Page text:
Well, 2021 is drawing to a close. I want to take some time and look back. A lot has changed in my personal life pulling me away from the keyboard in more ways then I thought would happen at the start of the year. At the same time, I’m surprised how much I did achieve.
At work, we decided to work towards Go because of it’s built-in concurrency, large standard library and it’s many optimizations for building cloud native applications. Starting to learn Go was a big achievement this year. I’ve barely scratched the surface at this point, but I will be using Go for many things for a long time to come. That much is certain.
Picking up HTMX
Another technology we started to use at work is htmx. It’s a library that leverages HTML as true hypertext. It allows you to asynchronously change parts of a webpage by sending HTML fragments over the wire. As a result, application state as well as business logic as kept on the server. This results in a far less heavy and complicated client application running in the browser.
I’m quite excited about this technology. Unless your web application tries to approximate the user experience of a native application, it’s worth considering whether using technologies geared towards single-page applications (SPA’s), like Vue or Angular, are a good fit.
Building a Gopher client
I build a fully fledged, basic Gopher client in Go. In fact, I build it several times over picking up new technologies each time. At this point, I have a basic application build on top of tview. However, I did hit limits in terms of available time to keep on building and learning in 2021. Also, tview itself feels limiting in and of itself.
I’m considering to rebuild the application once more using the Bubbletea TUI framework. My hope is to move forward and add features like bookmarks, file downloads, better error handling, a decent status bar and so on.
Work also got me a taste of containerization through Docker. In 2021, I got a lot of opportunities to learn the in’s and out’s of the Dockerfile, Docker Compose, Docker Swarm and so much more. I remember dipping my toes into this stuff back in 2015, and not quite understanding the benefits. Today, I feel containerization is the best thing since sliced bread.
A home server
My initial use case was building a storage solution for a growing, amorphous blob of files I’ve been calling my personal archives. I ended up deviating from that path, partly because a clear approach on how to handle files didn’t crystalize in my mind, and on the other hand because the files I wanted to archive needed quite some time sorting and curating first.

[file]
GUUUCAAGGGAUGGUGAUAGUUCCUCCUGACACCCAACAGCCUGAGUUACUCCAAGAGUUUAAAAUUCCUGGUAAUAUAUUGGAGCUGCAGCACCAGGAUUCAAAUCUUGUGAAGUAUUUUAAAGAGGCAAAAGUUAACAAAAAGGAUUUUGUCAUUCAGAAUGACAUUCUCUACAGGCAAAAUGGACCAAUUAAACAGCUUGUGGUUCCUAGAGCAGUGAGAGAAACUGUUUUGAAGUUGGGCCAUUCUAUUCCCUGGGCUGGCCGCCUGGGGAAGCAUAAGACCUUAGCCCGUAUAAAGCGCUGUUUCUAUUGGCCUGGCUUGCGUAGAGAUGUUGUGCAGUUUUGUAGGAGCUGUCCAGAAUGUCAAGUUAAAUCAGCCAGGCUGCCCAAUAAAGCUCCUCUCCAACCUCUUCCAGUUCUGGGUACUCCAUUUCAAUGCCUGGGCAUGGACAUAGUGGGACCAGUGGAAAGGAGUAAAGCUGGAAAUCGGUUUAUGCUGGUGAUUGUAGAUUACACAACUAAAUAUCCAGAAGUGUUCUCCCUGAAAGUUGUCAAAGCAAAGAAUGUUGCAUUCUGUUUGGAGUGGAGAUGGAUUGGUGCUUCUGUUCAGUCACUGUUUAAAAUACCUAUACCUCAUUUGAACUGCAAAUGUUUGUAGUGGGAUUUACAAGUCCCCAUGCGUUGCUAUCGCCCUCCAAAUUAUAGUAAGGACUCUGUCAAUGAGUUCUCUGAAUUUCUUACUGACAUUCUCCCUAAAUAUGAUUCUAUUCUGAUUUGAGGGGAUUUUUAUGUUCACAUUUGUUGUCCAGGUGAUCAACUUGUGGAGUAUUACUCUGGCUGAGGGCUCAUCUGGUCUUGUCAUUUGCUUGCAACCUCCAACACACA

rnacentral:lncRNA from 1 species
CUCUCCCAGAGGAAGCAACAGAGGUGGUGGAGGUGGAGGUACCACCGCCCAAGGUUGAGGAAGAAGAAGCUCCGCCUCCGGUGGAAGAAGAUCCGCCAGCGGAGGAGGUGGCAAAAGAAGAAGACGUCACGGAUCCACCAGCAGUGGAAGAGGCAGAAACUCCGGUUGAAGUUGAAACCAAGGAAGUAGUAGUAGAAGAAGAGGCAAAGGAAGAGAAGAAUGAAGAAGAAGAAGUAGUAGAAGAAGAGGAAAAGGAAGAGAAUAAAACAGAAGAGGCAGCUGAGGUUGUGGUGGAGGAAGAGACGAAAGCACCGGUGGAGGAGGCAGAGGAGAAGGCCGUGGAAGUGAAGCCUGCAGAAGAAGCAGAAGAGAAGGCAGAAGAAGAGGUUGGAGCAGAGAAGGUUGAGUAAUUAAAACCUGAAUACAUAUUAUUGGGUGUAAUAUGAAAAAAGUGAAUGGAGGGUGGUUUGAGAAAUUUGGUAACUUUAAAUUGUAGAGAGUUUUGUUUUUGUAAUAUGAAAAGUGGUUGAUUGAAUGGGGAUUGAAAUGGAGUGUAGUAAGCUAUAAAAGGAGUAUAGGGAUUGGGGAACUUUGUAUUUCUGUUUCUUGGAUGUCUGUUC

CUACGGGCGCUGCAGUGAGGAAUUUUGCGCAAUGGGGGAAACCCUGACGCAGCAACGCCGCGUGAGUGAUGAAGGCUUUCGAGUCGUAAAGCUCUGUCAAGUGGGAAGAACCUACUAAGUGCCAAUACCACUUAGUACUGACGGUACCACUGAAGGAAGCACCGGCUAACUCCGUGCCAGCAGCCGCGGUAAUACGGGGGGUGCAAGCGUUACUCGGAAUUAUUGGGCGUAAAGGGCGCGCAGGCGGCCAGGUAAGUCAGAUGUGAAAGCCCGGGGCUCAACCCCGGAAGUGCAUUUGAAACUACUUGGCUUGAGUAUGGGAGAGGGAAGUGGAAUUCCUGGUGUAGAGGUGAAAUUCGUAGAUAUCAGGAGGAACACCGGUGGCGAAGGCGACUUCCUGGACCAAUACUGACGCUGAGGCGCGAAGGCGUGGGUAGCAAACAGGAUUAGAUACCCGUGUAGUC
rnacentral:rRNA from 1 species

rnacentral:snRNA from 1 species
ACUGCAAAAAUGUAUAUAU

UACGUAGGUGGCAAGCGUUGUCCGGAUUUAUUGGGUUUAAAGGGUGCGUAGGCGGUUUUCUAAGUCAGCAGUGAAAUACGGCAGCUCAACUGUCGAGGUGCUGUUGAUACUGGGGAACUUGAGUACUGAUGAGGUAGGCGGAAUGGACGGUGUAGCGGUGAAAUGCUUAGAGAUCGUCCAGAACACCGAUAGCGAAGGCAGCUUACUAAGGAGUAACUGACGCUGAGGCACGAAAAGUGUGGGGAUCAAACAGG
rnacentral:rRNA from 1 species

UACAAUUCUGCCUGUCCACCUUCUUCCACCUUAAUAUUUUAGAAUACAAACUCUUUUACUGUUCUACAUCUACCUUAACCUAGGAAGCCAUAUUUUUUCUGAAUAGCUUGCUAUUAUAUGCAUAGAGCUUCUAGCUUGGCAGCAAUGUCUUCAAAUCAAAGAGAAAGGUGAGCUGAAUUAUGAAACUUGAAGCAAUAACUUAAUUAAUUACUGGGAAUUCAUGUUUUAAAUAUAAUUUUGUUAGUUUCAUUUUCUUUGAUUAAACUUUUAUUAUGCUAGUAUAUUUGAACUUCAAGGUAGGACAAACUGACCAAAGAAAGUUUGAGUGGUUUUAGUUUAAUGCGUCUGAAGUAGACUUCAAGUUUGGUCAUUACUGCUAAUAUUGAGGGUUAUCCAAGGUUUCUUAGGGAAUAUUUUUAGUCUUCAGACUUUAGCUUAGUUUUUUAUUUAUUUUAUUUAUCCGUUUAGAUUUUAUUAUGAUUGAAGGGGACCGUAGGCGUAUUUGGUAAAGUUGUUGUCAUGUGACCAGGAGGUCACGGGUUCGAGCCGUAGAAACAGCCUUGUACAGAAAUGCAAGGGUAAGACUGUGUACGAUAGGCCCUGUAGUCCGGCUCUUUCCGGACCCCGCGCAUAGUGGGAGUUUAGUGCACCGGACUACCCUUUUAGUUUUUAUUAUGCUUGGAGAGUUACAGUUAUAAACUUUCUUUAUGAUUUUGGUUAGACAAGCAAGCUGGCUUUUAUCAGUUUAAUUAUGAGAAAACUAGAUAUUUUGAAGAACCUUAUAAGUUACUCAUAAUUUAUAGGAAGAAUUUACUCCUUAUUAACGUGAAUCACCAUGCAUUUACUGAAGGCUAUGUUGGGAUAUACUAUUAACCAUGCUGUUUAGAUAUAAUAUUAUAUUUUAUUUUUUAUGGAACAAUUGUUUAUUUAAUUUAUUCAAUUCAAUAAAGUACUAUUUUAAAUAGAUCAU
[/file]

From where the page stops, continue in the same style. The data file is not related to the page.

And so, the NUC has been sitting powered down on my desk for the majority of the past year. I’m currently taking time to clean out the files I want to archive first.
Meanwhile, I’m considering how to setup the NUC in a way to act as a NAS with some power features. I’m thinking about installing PhotoPrism, Syncthing and Rclone. The one thing I’m missing is a workflow orchestrator which does some processing of files I upload to the NUC. I’m currently eyeing temporal which I need to try out first.
I rebooted this blog. It was a nice project to do over Easter. It didn’t take that long to chuck out the old code, upgrade Jekyll and give the site a new theme. Doing so also helped me write a bit more on here. Not as much as I liked, but a lot more then I did before. I hope to continue that in 2022.
By contrast, my lifelog saw very few updates in 2021. In august, I wrote about the pain of maintaining a installation and the complexity that has been added over the years to the overall authoring experience. At this point, I’m considering migrating the entire thing towards a static site generator like Hugo.
Writing all of this down, I’m surprised about how much I still managed to accomplish in 2021. At any rate, I hope to find more focus and move these personal projects forward in 2022. And share my experiences with you, dear reader, on this blog.